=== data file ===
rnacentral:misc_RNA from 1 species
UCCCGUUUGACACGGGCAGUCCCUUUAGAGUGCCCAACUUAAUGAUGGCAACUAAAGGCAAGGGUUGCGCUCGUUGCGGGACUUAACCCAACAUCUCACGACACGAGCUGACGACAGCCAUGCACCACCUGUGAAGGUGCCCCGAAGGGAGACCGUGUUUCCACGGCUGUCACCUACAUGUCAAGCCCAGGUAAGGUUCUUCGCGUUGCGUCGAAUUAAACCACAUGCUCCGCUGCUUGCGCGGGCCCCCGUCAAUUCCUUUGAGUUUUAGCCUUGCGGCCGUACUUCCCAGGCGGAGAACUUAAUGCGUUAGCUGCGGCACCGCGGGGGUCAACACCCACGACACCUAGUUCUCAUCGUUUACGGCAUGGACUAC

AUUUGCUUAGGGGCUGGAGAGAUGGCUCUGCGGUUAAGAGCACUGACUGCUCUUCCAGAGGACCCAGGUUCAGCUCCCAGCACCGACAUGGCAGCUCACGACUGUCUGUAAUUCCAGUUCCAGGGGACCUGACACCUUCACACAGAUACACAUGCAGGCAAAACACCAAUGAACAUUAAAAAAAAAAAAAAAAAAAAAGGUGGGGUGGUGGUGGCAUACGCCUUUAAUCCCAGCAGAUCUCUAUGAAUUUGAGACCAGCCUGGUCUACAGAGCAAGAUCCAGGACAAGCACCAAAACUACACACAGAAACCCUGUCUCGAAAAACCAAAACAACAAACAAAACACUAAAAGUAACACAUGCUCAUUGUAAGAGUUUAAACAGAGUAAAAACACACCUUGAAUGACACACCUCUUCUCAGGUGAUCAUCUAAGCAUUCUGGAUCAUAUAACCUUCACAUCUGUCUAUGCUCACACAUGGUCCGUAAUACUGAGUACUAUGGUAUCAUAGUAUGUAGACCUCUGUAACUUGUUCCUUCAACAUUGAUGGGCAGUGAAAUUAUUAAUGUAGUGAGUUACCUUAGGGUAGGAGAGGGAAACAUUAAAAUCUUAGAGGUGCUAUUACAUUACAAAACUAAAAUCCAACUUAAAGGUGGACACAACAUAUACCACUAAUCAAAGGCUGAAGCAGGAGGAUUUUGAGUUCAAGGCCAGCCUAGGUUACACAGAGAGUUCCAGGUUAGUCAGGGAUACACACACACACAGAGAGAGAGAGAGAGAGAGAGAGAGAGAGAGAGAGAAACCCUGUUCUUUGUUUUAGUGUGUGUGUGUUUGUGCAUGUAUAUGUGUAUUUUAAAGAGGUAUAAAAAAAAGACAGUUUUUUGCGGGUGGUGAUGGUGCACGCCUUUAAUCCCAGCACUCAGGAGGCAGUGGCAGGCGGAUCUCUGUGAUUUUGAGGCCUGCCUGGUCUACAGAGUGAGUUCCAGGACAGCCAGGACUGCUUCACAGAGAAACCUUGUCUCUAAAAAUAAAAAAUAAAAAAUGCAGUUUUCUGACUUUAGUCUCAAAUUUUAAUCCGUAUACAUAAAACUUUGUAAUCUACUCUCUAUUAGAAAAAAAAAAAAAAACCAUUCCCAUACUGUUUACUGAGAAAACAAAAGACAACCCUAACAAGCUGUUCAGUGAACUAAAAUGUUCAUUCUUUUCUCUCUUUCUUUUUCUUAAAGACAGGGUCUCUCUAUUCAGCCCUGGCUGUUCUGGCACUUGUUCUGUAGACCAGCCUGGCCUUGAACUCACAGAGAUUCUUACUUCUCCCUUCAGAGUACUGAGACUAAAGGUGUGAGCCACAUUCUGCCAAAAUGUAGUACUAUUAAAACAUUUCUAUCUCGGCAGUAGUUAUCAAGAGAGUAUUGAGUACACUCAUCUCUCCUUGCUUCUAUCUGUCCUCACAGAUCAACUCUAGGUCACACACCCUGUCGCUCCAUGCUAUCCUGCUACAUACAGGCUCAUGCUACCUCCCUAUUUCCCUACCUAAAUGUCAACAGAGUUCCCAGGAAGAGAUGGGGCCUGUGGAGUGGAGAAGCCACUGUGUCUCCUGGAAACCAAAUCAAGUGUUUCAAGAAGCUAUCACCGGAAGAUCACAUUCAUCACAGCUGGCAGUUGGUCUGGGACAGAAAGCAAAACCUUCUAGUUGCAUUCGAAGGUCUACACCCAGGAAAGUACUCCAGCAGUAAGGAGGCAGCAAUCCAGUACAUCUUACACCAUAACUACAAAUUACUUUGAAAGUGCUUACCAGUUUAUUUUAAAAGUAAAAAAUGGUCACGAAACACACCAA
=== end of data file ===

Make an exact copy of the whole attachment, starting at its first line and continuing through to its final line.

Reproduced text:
rnacentral:misc_RNA from 1 species
UCCCGUUUGACACGGGCAGUCCCUUUAGAGUGCCCAACUUAAUGAUGGCAACUAAAGGCAAGGGUUGCGCUCGUUGCGGGACUUAACCCAACAUCUCACGACACGAGCUGACGACAGCCAUGCACCACCUGUGAAGGUGCCCCGAAGGGAGACCGUGUUUCCACGGCUGUCACCUACAUGUCAAGCCCAGGUAAGGUUCUUCGCGUUGCGUCGAAUUAAACCACAUGCUCCGCUGCUUGCGCGGGCCCCCGUCAAUUCCUUUGAGUUUUAGCCUUGCGGCCGUACUUCCCAGGCGGAGAACUUAAUGCGUUAGCUGCGGCACCGCGGGGGUCAACACCCACGACACCUAGUUCUCAUCGUUUACGGCAUGGACUAC

AUUUGCUUAGGGGCUGGAGAGAUGGCUCUGCGGUUAAGAGCACUGACUGCUCUUCCAGAGGACCCAGGUUCAGCUCCCAGCACCGACAUGGCAGCUCACGACUGUCUGUAAUUCCAGUUCCAGGGGACCUGACACCUUCACACAGAUACACAUGCAGGCAAAACACCAAUGAACAUUAAAAAAAAAAAAAAAAAAAAAGGUGGGGUGGUGGUGGCAUACGCCUUUAAUCCCAGCAGAUCUCUAUGAAUUUGAGACCAGCCUGGUCUACAGAGCAAGAUCCAGGACAAGCACCAAAACUACACACAGAAACCCUGUCUCGAAAAACCAAAACAACAAACAAAACACUAAAAGUAACACAUGCUCAUUGUAAGAGUUUAAACAGAGUAAAAACACACCUUGAAUGACACACCUCUUCUCAGGUGAUCAUCUAAGCAUUCUGGAUCAUAUAACCUUCACAUCUGUCUAUGCUCACACAUGGUCCGUAAUACUGAGUACUAUGGUAUCAUAGUAUGUAGACCUCUGUAACUUGUUCCUUCAACAUUGAUGGGCAGUGAAAUUAUUAAUGUAGUGAGUUACCUUAGGGUAGGAGAGGGAAACAUUAAAAUCUUAGAGGUGCUAUUACAUUACAAAACUAAAAUCCAACUUAAAGGUGGACACAACAUAUACCACUAAUCAAAGGCUGAAGCAGGAGGAUUUUGAGUUCAAGGCCAGCCUAGGUUACACAGAGAGUUCCAGGUUAGUCAGGGAUACACACACACACAGAGAGAGAGAGAGAGAGAGAGAGAGAGAGAGAGAGAAACCCUGUUCUUUGUUUUAGUGUGUGUGUGUUUGUGCAUGUAUAUGUGUAUUUUAAAGAGGUAUAAAAAAAAGACAGUUUUUUGCGGGUGGUGAUGGUGCACGCCUUUAAUCCCAGCACUCAGGAGGCAGUGGCAGGCGGAUCUCUGUGAUUUUGAGGCCUGCCUGGUCUACAGAGUGAGUUCCAGGACAGCCAGGACUGCUUCACAGAGAAACCUUGUCUCUAAAAAUAAAAAAUAAAAAAUGCAGUUUUCUGACUUUAGUCUCAAAUUUUAAUCCGUAUACAUAAAACUUUGUAAUCUACUCUCUAUUAGAAAAAAAAAAAAAAACCAUUCCCAUACUGUUUACUGAGAAAACAAAAGACAACCCUAACAAGCUGUUCAGUGAACUAAAAUGUUCAUUCUUUUCUCUCUUUCUUUUUCUUAAAGACAGGGUCUCUCUAUUCAGCCCUGGCUGUUCUGGCACUUGUUCUGUAGACCAGCCUGGCCUUGAACUCACAGAGAUUCUUACUUCUCCCUUCAGAGUACUGAGACUAAAGGUGUGAGCCACAUUCUGCCAAAAUGUAGUACUAUUAAAACAUUUCUAUCUCGGCAGUAGUUAUCAAGAGAGUAUUGAGUACACUCAUCUCUCCUUGCUUCUAUCUGUCCUCACAGAUCAACUCUAGGUCACACACCCUGUCGCUCCAUGCUAUCCUGCUACAUACAGGCUCAUGCUACCUCCCUAUUUCCCUACCUAAAUGUCAACAGAGUUCCCAGGAAGAGAUGGGGCCUGUGGAGUGGAGAAGCCACUGUGUCUCCUGGAAACCAAAUCAAGUGUUUCAAGAAGCUAUCACCGGAAGAUCACAUUCAUCACAGCUGGCAGUUGGUCUGGGACAGAAAGCAAAACCUUCUAGUUGCAUUCGAAGGUCUACACCCAGGAAAGUACUCCAGCAGUAAGGAGGCAGCAAUCCAGUACAUCUUACACCAUAACUACAAAUUACUUUGAAAGUGCUUACCAGUUUAUUUUAAAAGUAAAAAAUGGUCACGAAACACACCAA